Luis Toribio, 3B -- Yet another sweet-swinging addition, 19-year-old Toribio is one of the youngest prospects in camp, but also possesses some of the highest intrigue. Although he's only participated in three games above Rookie ball, the seventh-ranked Giants prospect has put up some early encouraging numbers. He spent 2018 in the Dominican Summer League, where he posted a .270 average and a .902 OPS while connecting for 10 homers. In his first season stateside last year, the lefty amassed a .297/.436/.459 line while legging out 15 doubles and plating 33 runs. He's played in just 118 total Minor League games, but his allure helps round out San Francisco's crop of young, high-upside talent developing in the system.
Will Wilson, SS/2B -- The Giants have been big on Wilson for quite a while. They highly considered taking him with the 10th overall pick in the 2019 Draft before electing for outfielder Hunter Bishop -- but still managed to find a way to get their man by acquiring him and Zack Cozart from the Angels at last year's Winter Meetings. In his first professional season, the club's No. 10 prospect debuted in the Rookie Advanced Pioneer League and put up a .275/.328/.439 line with five homers in 46 games for Orem. The 21-year-old possesses an aggressive approach that he can easily channel into raw power. The Giants hope he'll be a sturdy middle-infield candidate within the next two years.
Mauricio Dubón, SS/2B -- Originally, Dubon was expected to slot into San Francisco's second-base role to start the 2020 season. That was on the heels of a whirlwind 2019 for the Sacramento native -- he spent the first half of the year as one of the top prospects in the Brewers organization before being traded to the Giants at the deadline for Drew Pomeranz and Ray Black. The 25-year-old put up a .328/.391/.485 line in 25 games with his hometown River Cats before being promoted to The Show for the final 28 games of the season. The 25-year-old quickly became a mainstay on the everyday roster, posting a .279 average and four homers along with a .754 OPS. Dubon can hit for average and wields plenty of versatility defensively, but second base is his best position. He'll likely open 2020 as one of San Francisco's top second-base options, and he has plenty of promise in taking the position over permanently.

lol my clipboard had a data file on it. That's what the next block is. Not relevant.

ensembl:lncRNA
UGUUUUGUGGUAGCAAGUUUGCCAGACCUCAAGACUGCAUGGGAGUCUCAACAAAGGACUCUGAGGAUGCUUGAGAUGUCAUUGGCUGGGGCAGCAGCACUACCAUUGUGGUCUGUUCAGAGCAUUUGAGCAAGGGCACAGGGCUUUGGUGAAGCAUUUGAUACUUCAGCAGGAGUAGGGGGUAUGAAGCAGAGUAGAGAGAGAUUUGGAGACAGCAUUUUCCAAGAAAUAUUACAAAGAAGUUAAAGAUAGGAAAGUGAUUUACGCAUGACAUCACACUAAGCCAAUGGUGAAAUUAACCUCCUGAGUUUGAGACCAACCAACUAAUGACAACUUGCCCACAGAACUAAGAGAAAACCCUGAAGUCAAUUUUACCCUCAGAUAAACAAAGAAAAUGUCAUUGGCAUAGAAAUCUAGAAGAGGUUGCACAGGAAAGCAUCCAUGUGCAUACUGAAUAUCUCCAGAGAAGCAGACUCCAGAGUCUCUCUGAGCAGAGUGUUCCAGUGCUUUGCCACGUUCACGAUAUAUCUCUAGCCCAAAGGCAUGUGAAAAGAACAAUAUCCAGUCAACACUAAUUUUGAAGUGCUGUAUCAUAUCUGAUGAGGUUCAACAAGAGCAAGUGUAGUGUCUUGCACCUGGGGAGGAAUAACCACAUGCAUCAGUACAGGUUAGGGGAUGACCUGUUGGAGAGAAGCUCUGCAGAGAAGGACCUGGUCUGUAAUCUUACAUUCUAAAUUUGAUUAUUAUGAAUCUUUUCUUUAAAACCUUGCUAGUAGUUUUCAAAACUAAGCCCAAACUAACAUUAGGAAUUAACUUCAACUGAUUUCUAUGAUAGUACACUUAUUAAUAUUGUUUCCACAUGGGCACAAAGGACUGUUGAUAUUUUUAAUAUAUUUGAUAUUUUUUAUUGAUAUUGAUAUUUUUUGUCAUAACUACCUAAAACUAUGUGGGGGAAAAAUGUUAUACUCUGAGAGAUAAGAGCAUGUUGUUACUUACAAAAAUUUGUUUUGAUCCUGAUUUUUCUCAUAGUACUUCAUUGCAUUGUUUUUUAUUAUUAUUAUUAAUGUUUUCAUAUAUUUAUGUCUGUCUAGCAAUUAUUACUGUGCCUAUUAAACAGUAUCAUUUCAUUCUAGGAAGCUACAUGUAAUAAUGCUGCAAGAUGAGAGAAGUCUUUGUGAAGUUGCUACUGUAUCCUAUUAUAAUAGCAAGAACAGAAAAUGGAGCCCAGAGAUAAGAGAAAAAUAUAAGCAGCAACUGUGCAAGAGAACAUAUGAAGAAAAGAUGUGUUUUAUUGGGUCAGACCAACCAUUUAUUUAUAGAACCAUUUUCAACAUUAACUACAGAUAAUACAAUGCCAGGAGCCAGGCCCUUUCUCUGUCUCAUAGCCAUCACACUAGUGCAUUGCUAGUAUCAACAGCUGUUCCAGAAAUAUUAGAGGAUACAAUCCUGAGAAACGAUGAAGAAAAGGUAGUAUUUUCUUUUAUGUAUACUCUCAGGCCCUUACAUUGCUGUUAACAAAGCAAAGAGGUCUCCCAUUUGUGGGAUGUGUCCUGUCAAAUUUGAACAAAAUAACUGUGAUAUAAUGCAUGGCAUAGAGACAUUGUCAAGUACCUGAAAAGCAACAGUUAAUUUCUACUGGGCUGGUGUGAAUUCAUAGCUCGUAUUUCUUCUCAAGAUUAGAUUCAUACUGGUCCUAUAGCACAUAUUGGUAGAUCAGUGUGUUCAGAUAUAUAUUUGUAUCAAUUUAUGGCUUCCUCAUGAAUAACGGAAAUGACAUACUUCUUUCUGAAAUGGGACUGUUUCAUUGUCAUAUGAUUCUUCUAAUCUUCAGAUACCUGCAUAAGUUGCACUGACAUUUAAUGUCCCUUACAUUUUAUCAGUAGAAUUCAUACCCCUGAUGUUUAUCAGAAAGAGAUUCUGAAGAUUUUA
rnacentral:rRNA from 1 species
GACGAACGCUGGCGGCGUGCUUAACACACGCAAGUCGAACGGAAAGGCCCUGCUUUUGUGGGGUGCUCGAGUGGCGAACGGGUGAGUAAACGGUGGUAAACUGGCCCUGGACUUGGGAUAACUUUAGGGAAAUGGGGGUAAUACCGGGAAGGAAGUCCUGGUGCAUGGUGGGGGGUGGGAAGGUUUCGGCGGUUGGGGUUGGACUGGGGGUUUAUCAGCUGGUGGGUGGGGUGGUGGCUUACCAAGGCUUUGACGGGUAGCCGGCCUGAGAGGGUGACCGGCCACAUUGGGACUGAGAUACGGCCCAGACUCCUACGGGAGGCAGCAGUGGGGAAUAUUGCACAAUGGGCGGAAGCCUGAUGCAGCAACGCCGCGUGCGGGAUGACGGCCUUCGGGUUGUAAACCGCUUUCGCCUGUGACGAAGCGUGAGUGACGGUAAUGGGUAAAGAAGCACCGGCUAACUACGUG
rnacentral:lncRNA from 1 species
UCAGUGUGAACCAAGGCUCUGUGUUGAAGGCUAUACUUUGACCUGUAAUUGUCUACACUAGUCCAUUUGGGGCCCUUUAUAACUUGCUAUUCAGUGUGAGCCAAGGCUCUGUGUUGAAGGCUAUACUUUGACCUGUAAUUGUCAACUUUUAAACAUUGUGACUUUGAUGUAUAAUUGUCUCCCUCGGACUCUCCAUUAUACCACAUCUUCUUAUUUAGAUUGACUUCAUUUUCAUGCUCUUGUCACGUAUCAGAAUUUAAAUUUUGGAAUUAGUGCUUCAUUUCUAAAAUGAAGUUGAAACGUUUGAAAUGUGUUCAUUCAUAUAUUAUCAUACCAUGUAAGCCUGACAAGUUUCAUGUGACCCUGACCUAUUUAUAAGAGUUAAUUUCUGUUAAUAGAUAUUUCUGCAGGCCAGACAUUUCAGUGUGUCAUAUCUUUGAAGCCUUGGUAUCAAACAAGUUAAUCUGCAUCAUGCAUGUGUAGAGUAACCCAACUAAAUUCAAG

Logan Webb, RHP -- Another homegrown prized prospect who made his Major League debut last season, Webb successfully has endured both injury and controversy. The right-hander missed the majory of the 2016 and 2017 seasons due to Tommy John surgery, and he was suspended for 80 games for performance-enhancing drugs last May. Nevertheless, the 23-year-old built his way back up through the Minors, notching a 1.85 ERA through 12 games before being called up to the Giants in mid-August. Through eight starts, the 2014 fourth-rounder went 2-3 with a 5.22 ERA, but he didn't allow more than two runs in half of those appearances. Webb, who grew up approximately two hours from San Francisco in Rocklin, was expected to be on an innings limit in 2020, but in a 60-game season, he's a clear front runner for the fifth spot in the rotation.
Jaylin Davis, OF -- An acquisition last year's deadline deal that sent reliever Sam Dyson to Minnesota, Davis joined a clogged outfield system, but he should stand out for a variety of reasons. The 26-year-old can play all three outfield positions -- although he's best in right -- and flashed tremendous power at the plate last year. Davis started the season with Double-A Pensacola before moving up to Triple-A in June. After coming to San Francisco, Davis slugged a .331 average and a 1.105 OPS while clubbing 10 homers and driving in 27 runs in 27 games. The Appalachian State product should contend for at least a bench role in the outfield.
Camilo Doval, RHP -- Even though the 23-year-old has yet to pitch above Class A ball, Doval carries a triple-digit fastball in his arsenal. His delivery is unique in that he throws from a three-quarter arm slot, allowing for late life and a nasty spin rate. The team's No. 22 prospect posted a 12.8 K/9 rate through 45 games with San Jose in 2019. The full-time reliever sported a 3-5 record with a 3.83 ERA while holding opposing batters to a .200 average. Doval likely won't see any Major League action, but the Giants are impressed by his stuff and might look to him in a more distressing scenario.
2019 first-rounder Hunter Bishop is expected to be included on the pool roster once he is cleared to resume baseball activities. The Giants' fourth-ranked prospect -- No. 71 overall -- tested positive for COVID-19 and has been self-isolating, per the Major League Baseball health protocol. ... San Francisco's No. 29 prospect Dany Jimenez was claimed off waivers in December from the Blue Jays. So far, he's topped out at the Double-A level, where he limited opposing hitters to a .183 average. The right-handed reliever posted a 2-2 record with a 1.87 ERA in 25 relief appearances for New Hampshire. ... Catcher Chadwick Tromp has spent seven years in the Minors. The Giants signed him as a free agent in January and listed him as a non-roster invitee this spring. He could be a feasible backup option behind the plate. ... Southpaw Caleb Baragar provides another relief option. The 26-year-old has amassed a career 3.82 ERA through four Minor League seasons. 2020 first-rounder Patrick Bailey also was included in the pool. The Giants have 59 of their 60 roster spots filled, but are expected to reach capacity when Bishop is cleared to join the team.
Katie Woo is an editorial producer for Minor League Baseball. Follow her on twitter at @katiejwoo.